I've lived in the south all of my life, but never paid attention to cotton crops except
when the bolls were opened and the entire field was white like snow.
Previously, I showed pink blooms and at the time I thought all the white ones had already
turned to pink, as they do, and we were done blooming.
Boy, was I wrong.
The cotton crop surrounding my home is now COVERED with blooms, both white and pink
The cotton plants are waist to chest high and there are all different stages of bloomage (new word?).
Budding, seeding, making bolls.
I am still fascinated by these bracts. They are so frilly.
An unopened cotton boll.
In the original you can see all the white blooms on that hill. They blend in on the uploaded version.
If these Japanese beetles and their friends, the Boll Weevils, don't eat the whole crop,
and if there is enough rain, but not too much rain, and at the right time,
there will be a profusion of white later on this year.
This year it coincides with the start of the W. C. Handy Festival which is an annual Blues event in the Shoals area of North Alabama. It might be planned during the Handy Festival each year, but I'm not sure.
It is only a few minutes from our house. The lodge and marina are on a creek which runs from the Tennessee River.
There weren't that many vintage boats there, but there was one from 1927. It looked as good as the ones from the fifties and sixties. Did I get a photo of it? No.
There are always deer around, especially in the evening. I was hoping to see a fawn or two, but no luck.
This one stayed about ten feet from the car while I took its picture.
Handy Festival poster design (http://www.wchandymusicfestival.org/festival.htm): "This year's winners are a team of undergraduate students from the University of North Alabama; Savannah Trammell from Rogersville, Alabama; Taylor Noblit from Tuscumbia, Alabama; and Kristen Dunn from Muscle Shoals, Alabama. The design was created as a class assignment for an honors computing course taught at UNA by Ron Davis, Assistant Professor of Computing Information Systems. All three students are members of the UNA Honors Program."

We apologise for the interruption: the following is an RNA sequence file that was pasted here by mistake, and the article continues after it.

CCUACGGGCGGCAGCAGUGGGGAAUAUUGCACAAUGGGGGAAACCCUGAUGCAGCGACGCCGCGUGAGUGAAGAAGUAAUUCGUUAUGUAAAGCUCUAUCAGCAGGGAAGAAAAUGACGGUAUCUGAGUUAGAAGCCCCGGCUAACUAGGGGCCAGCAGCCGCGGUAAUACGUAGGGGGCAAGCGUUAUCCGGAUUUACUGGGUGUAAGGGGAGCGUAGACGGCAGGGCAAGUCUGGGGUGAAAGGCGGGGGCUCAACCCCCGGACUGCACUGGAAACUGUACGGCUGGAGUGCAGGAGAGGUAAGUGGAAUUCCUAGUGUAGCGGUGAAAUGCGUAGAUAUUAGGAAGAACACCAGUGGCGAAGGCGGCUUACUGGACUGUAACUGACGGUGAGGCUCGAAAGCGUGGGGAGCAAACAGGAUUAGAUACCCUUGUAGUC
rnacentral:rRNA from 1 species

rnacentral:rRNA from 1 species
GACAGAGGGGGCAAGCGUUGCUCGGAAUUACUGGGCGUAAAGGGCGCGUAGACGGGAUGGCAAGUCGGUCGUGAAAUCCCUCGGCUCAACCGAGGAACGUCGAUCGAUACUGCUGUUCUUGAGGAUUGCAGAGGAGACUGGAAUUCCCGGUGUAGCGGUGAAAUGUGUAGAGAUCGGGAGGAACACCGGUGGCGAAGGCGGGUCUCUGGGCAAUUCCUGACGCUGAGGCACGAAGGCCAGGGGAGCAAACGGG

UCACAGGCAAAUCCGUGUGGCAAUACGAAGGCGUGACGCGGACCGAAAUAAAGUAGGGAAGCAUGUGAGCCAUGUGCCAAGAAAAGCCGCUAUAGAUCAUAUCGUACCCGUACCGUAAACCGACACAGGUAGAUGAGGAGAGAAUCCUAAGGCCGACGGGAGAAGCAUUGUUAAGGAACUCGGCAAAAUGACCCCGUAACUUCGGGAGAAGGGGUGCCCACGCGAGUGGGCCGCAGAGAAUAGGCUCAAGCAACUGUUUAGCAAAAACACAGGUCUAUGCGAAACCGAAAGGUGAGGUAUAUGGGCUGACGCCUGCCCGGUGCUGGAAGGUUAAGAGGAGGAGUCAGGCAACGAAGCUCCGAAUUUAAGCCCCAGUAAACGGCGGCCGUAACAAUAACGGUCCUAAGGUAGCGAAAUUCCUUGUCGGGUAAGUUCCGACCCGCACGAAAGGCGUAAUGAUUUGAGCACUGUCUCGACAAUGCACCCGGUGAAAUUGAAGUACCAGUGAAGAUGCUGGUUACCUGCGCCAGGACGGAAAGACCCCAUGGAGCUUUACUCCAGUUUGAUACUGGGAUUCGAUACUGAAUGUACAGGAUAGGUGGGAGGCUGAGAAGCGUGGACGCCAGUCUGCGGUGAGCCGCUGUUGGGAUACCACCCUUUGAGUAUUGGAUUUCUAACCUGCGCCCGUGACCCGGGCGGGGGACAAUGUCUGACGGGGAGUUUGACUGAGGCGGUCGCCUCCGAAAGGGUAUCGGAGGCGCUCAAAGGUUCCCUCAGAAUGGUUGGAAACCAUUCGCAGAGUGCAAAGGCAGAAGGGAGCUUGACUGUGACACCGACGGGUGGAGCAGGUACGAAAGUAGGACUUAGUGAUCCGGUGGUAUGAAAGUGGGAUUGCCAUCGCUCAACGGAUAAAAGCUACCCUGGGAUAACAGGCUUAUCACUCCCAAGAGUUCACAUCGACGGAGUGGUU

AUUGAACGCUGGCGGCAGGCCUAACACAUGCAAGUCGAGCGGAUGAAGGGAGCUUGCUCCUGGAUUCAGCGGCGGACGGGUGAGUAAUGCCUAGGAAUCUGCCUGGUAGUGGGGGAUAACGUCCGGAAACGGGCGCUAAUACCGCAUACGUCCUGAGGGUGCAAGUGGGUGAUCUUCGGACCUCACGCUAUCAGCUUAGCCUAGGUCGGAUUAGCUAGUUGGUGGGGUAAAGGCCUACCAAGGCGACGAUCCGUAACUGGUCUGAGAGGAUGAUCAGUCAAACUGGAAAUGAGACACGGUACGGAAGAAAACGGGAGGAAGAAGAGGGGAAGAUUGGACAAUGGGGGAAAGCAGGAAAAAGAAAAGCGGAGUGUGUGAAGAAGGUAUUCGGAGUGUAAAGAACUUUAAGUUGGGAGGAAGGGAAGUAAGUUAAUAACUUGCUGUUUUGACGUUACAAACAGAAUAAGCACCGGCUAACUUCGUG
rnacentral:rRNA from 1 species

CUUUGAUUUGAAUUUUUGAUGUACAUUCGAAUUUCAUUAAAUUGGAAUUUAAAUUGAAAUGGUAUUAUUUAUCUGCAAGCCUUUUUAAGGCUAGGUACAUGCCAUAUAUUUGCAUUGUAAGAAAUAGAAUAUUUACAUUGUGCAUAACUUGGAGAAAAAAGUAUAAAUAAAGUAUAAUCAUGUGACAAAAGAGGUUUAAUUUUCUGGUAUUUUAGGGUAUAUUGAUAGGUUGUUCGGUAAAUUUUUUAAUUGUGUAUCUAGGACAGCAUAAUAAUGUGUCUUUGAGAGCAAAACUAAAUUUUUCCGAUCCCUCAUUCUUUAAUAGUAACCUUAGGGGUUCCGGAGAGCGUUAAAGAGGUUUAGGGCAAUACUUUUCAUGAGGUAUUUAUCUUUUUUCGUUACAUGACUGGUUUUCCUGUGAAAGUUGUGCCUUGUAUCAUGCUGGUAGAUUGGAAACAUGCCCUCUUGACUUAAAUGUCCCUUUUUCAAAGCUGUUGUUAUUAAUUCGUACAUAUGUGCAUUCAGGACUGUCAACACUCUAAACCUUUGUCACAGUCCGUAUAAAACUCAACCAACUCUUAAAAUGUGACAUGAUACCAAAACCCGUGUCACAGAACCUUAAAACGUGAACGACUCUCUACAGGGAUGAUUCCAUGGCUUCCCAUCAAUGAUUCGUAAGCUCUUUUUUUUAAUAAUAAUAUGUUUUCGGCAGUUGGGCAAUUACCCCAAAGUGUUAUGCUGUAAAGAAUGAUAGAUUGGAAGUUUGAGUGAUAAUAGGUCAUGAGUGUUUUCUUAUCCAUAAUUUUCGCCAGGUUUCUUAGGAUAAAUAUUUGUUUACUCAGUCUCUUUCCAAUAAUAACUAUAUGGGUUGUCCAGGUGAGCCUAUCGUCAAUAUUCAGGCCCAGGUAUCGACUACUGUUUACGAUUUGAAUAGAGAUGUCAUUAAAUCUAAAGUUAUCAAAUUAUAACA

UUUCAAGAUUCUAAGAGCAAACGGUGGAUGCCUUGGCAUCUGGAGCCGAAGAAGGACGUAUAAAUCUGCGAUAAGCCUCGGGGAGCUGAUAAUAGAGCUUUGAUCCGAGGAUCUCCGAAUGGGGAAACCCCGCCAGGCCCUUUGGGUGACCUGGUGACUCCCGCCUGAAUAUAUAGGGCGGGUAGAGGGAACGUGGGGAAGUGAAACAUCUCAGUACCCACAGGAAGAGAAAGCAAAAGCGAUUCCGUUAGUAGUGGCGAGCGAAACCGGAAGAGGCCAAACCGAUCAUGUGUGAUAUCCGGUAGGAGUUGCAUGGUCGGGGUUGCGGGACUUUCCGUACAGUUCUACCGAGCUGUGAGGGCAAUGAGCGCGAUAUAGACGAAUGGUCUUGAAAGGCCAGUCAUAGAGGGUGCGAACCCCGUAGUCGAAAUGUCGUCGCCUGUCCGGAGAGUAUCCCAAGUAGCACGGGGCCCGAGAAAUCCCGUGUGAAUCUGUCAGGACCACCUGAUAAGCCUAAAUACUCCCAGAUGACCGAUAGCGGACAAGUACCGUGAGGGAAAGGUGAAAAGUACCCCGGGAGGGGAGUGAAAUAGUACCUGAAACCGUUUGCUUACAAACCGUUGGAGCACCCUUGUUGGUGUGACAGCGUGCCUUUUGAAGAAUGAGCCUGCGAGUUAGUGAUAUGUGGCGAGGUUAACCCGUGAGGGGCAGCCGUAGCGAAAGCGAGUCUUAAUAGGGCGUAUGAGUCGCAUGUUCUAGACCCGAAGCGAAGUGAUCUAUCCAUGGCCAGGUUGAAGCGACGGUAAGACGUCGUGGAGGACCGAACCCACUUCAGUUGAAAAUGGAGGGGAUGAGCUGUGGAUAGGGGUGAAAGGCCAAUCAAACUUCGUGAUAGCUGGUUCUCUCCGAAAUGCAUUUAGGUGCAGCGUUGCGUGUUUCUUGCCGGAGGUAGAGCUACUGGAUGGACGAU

Next Friday, as part of the Handy Festival, a "Tina Turner" impersonator is being featured again at Joe Wheeler State Park.
If I go, maybe you'll get to see her next Saturday. :)
In May 2012, I went to one of those yard sales that runs all along a highway.
It was the first time I had been in this area for other than just driving through.
I started in Attalla, Alabama and traveled north on US 11
These shots are from Ft. Payne, Alabama which is known for several things.
Ft. Payne was one of the locations where forced evacuation of Cherokee Indians took place in 1838 as part of the Indian Removal Act of 1830.
Each year on a Saturday, tens of thousands of motorcyclists travel a designated route in remembrance of the original "Trail of Tears". It runs through my town and the sound of thundering cycles can be heard much of that day.